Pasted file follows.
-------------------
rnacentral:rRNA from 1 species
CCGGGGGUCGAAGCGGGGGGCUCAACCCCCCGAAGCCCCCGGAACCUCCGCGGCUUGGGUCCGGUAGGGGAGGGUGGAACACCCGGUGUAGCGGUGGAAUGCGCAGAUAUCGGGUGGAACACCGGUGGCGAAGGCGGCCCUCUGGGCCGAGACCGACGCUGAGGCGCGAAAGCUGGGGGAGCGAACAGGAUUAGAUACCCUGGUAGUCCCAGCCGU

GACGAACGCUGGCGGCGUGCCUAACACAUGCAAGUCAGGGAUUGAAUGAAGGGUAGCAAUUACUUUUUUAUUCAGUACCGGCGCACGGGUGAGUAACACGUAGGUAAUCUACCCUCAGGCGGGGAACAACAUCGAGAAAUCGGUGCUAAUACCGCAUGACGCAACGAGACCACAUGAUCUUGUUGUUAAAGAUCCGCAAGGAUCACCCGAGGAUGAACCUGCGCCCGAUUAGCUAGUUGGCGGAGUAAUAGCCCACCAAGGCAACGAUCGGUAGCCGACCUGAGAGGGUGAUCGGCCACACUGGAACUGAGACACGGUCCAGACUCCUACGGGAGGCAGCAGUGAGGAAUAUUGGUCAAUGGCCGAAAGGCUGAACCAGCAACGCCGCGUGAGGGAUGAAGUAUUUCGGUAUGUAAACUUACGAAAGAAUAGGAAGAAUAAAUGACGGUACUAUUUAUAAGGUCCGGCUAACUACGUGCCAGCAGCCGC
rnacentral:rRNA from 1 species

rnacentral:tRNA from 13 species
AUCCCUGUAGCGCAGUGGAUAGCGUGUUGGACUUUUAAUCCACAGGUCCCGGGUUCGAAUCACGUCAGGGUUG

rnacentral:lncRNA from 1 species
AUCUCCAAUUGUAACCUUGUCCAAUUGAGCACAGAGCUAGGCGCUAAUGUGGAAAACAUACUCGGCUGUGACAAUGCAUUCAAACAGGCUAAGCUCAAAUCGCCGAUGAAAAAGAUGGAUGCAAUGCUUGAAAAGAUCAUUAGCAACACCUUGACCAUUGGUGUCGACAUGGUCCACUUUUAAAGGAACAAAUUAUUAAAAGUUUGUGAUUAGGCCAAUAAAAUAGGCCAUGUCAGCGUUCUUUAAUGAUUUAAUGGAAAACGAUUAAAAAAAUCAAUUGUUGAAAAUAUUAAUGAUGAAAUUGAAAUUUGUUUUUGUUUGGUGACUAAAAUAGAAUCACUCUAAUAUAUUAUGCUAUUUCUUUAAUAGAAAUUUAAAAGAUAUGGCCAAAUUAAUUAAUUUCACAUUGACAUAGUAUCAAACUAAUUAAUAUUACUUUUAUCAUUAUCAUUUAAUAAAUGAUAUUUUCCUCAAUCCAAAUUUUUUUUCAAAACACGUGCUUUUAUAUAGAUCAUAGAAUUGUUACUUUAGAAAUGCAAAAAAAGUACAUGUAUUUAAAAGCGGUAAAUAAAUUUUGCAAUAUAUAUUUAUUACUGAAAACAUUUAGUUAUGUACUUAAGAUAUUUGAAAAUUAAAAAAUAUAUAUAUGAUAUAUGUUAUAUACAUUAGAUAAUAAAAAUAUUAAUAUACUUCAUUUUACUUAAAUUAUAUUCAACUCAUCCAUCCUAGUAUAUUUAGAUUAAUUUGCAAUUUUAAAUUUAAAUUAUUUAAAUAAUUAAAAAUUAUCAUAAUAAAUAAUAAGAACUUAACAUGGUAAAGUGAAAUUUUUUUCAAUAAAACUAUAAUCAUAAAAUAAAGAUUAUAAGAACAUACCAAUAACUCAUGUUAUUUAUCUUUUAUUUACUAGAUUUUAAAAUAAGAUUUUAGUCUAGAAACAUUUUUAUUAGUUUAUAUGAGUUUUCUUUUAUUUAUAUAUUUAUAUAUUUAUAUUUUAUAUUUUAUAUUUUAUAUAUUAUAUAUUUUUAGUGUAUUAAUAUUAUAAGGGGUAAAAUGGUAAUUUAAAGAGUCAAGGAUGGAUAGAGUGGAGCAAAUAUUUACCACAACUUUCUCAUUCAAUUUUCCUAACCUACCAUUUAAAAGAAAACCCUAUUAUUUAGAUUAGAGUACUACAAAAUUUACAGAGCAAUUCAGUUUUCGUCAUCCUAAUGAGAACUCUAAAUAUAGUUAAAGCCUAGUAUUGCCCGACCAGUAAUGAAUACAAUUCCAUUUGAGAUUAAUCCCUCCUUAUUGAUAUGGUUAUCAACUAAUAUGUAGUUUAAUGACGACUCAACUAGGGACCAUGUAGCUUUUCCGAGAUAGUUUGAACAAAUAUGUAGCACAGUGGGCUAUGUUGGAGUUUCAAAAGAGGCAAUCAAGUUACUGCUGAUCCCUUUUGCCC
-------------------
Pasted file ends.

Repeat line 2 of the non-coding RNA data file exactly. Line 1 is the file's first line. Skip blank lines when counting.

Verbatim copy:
CCGGGGGUCGAAGCGGGGGGCUCAACCCCCCGAAGCCCCCGGAACCUCCGCGGCUUGGGUCCGGUAGGGGAGGGUGGAACACCCGGUGUAGCGGUGGAAUGCGCAGAUAUCGGGUGGAACACCGGUGGCGAAGGCGGCCCUCUGGGCCGAGACCGACGCUGAGGCGCGAAAGCUGGGGGAGCGAACAGGAUUAGAUACCCUGGUAGUCCCAGCCGU